Tale of two tech titans

Pub date April 17, 2014
SectionPolitics Blog

San Francisco Magazine just published an intriguing interview with Salesforce CEO Marc Benioff, and Benioff’s attitude and approach to San Francisco seems to be a striking contrast to the city’s other top tech titan, venture capitalist Ron Conway, who we profiled over a year ago.

While Conway burst onto the political scene a few years ago with a pledge to destroy the progressive movement in San Francisco, sponsoring Mayor Ed Lee and his allies as the main vehicle for those ambitions, Benioff is a San Francisco native who seems to understand this city’s values and accept the responsibilities that come with great wealth and power.

“I say, if you want to be in this city and take advantage of all this great infrastructure—our mass transit, our schools, our hospitals, the safety and stability that we have—then also give back. These are the table stakes for doing business here. This is not a new idea,” Benioff told San Francisco Magazine Editor Jon Steinberg in this extended Q&A.

The news peg for the article was a new Benioff initiative in which he’s asking local tech companies to contribute $500,000 each to Tipping Point Community, which funds local community service programs, an effort that Benioff calls SF Gives.

“The first person I called was Ron Conway. I said, ‘Ron, what we’re going to do is get companies to give $500,000, and I’m going to raise $10 million, and we are going to give back to S.F. en masse with money from organizations, not just individuals.’ He said, ‘This is never gonna work. I run sf.citi [a political advocacy group for 500 local tech companies], and people won’t even pay their dues. You’re not going to raise millions of dollars,’” Benioff told the magazine.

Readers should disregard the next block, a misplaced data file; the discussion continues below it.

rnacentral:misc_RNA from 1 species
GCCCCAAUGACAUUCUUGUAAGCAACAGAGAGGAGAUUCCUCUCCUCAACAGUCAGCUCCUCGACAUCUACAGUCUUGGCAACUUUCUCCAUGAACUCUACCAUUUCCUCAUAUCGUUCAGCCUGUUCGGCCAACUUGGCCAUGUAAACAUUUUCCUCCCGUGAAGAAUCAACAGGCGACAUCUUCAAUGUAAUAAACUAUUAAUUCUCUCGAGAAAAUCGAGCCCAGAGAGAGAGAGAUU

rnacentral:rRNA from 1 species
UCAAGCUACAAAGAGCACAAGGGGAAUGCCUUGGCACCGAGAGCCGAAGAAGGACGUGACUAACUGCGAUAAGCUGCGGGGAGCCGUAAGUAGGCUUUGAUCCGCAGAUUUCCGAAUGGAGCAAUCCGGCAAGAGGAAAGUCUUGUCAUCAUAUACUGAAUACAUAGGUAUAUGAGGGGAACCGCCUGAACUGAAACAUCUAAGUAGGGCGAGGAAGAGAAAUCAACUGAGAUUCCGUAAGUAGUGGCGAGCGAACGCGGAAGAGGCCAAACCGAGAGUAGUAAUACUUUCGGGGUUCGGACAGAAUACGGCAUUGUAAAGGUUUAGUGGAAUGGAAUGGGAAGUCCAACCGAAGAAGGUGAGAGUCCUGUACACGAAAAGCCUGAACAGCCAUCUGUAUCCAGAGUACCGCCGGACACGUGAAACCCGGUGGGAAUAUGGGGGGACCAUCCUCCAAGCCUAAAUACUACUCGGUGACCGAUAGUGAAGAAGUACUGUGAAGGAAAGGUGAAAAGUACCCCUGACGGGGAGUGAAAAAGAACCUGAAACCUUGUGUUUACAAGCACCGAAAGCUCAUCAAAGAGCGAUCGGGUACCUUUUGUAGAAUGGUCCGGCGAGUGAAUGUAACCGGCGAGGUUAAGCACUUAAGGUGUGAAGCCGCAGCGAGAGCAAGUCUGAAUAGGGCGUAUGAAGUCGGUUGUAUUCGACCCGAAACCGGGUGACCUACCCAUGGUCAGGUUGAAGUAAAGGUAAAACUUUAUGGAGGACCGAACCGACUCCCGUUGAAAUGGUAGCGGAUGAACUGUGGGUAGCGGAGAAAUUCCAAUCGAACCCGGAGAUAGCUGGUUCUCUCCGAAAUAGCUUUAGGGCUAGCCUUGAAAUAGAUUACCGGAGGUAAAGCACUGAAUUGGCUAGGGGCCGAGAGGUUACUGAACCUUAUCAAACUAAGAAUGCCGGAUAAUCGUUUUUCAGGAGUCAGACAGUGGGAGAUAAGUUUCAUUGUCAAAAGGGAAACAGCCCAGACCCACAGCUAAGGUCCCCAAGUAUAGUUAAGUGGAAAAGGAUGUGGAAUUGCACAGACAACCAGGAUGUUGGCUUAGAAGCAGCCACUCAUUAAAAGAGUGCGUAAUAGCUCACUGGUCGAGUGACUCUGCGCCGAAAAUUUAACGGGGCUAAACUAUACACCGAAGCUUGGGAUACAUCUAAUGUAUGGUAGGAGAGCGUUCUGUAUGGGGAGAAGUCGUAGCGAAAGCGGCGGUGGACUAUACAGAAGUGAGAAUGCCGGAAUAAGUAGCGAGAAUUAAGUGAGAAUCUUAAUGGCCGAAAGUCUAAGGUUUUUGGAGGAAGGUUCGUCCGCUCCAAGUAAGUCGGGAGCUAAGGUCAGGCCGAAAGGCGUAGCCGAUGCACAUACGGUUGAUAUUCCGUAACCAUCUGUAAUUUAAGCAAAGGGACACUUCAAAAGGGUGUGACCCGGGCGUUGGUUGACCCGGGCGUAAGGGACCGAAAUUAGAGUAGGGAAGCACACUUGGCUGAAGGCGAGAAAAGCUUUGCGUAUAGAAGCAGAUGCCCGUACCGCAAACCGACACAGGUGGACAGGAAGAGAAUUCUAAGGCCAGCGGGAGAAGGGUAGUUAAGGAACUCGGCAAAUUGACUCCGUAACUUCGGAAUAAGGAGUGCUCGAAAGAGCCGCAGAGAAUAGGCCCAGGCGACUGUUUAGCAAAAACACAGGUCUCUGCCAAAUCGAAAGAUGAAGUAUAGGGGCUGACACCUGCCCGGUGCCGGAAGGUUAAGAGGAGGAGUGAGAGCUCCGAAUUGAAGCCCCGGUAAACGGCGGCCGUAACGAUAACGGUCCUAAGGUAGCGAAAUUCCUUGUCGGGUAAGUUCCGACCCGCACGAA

The difference is that Conway is pushing an aggressive political agenda, seeking business tax breaks and special treatment from City Hall for the companies he’s invested in while being tone-deaf to the political backlash it’s causing in San Francisco, one that Benioff acknowledges and says the industry must address.

“Because this is not about any political agenda. It’s not. It’s about pure-play philanthropy: giving back to nonprofits and NGOs that can make a difference in S.F,” was how Benioff answered the question about why companies are more willing to donate to SF Gives than sf.citi.

As we documented in our profile of Conway, this guy is a old school conservative with a history of right-wing politics who conveniently dropped his Republican Party affiliation when he arrived in San Francisco pushing an aggressive pro-business agenda.

As we wrote in our article about an event seven years ago when Conway burst onto the scene and declared his intentions: “’This guy stood up and said that we have to take the city back from the progressives,’ [former Mayor Art] Agnos told us. ‘I barely knew who he was. I’ve been in San Francisco since 1966, and here he comes telling us what to do.;”

To understand this tale of two tech titans, contrast that approach with this comment from Benioff: “It’s a city of innovation, of flamboyance, of transformation, and during boom times, S.F. always changes and evolves. But tied into that has always been generosity: the Haas family, the Hellmans, the Fishers, the Shorensteins. During every one of these boom times, the people who benefited the most were also giving back the most. But this time around, we haven’t been able to talk about a broad philanthropic effort to couple with the growth. So this seemed like a great opportunity.”